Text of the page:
Found footage of ‘Apollo 18’ should stay lost

By Jeremy S. Williams
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(2 out of 5 stars)

“Apollo 18” follows the style of “The Blair Witch Project” and “Paranormal Activity” as a “found footage” movie. This premise is supposed to allow the audience to believe that the footage they are watching was actual film found and allowed to be edited and released as a feature movie.
This worked best for the two previously mentioned films and in fact helped them to become the critically and financially successful films they were. Unfortunately, “Apollo 18” seems more far fetched since it takes place on the moon.
The film opens with a brief history lesson letting the audience know that the government stands by the official story that Apollo 17 was the final NASA mission to the moon and that scheduled trips with Apollo’s 18, 19, and 20 were cancelled due to budget cuts. However, the following footage was uploaded on a website by an unknown individual and that the Department of Defense had actually launched a secret Apollo 18 mission and conspired to cover it up.
Three astronauts are launched into space and the audience is essentially shown 86 minutes of what can only be described as “Paranormal Activity 4: Flickering Lights and Spooky Noises in Space.”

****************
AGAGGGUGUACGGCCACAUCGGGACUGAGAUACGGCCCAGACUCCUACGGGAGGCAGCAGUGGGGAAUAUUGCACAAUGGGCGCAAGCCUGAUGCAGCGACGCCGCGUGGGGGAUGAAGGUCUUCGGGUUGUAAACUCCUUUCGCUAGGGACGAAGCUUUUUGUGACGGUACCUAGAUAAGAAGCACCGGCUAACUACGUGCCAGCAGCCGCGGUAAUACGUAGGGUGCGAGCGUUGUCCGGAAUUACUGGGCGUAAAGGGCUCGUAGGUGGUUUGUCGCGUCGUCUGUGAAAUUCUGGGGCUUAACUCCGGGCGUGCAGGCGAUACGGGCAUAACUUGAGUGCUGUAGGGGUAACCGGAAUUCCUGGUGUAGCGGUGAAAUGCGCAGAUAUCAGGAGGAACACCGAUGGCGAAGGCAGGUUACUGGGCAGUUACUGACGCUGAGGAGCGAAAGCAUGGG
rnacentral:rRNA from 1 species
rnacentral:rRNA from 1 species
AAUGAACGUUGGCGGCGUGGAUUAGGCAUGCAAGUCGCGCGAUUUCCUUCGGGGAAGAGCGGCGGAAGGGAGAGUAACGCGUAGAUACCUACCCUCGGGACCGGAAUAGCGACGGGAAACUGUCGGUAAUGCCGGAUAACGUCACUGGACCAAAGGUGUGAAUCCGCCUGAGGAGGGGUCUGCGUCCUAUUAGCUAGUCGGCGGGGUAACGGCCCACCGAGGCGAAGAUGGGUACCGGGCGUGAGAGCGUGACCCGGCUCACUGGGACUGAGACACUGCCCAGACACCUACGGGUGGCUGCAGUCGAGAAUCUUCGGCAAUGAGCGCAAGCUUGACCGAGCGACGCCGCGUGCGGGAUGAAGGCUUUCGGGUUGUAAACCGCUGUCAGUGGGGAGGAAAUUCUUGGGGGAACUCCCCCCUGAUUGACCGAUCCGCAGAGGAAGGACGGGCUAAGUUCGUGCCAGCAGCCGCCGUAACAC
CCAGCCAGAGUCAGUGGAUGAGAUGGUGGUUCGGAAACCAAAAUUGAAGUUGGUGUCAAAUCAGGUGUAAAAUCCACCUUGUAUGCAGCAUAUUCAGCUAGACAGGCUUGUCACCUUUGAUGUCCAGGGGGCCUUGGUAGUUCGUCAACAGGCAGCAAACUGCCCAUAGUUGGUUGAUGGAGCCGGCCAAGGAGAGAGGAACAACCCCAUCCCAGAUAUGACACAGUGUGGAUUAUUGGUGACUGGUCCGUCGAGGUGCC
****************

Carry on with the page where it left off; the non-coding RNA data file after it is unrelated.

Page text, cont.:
Just as with all other movies in the genre, the film starts off slow, with bumps here and noises there that start to make the characters uneasy. The tension builds and they start to realize that they may not be alone up there on the moon.
These “found footage” films are going to be coming out of the woodwork, since they are relatively cheap to make and usually turn a pretty good profit, but the problem is that they are starting to follow the same formula. Someone finds film that shows the details of a tragic and awful event that previously no one had any answers to.
That is all fine and well for films where all that is required of the audience is a small belief that ghosts are real. But “Apollo 18” asks the audience to not only believe that there is something living on the moon, but also that the government knows about it and is covering it up and that some brave soul risked everything to bring this to the public. It is a far off premise that leaves too many questioning the film while they should be trying to get into it.
This movie is best reserved for die-hard fans of this genre or those who thought “Alien” would have been a better movie if they had used handheld cameras.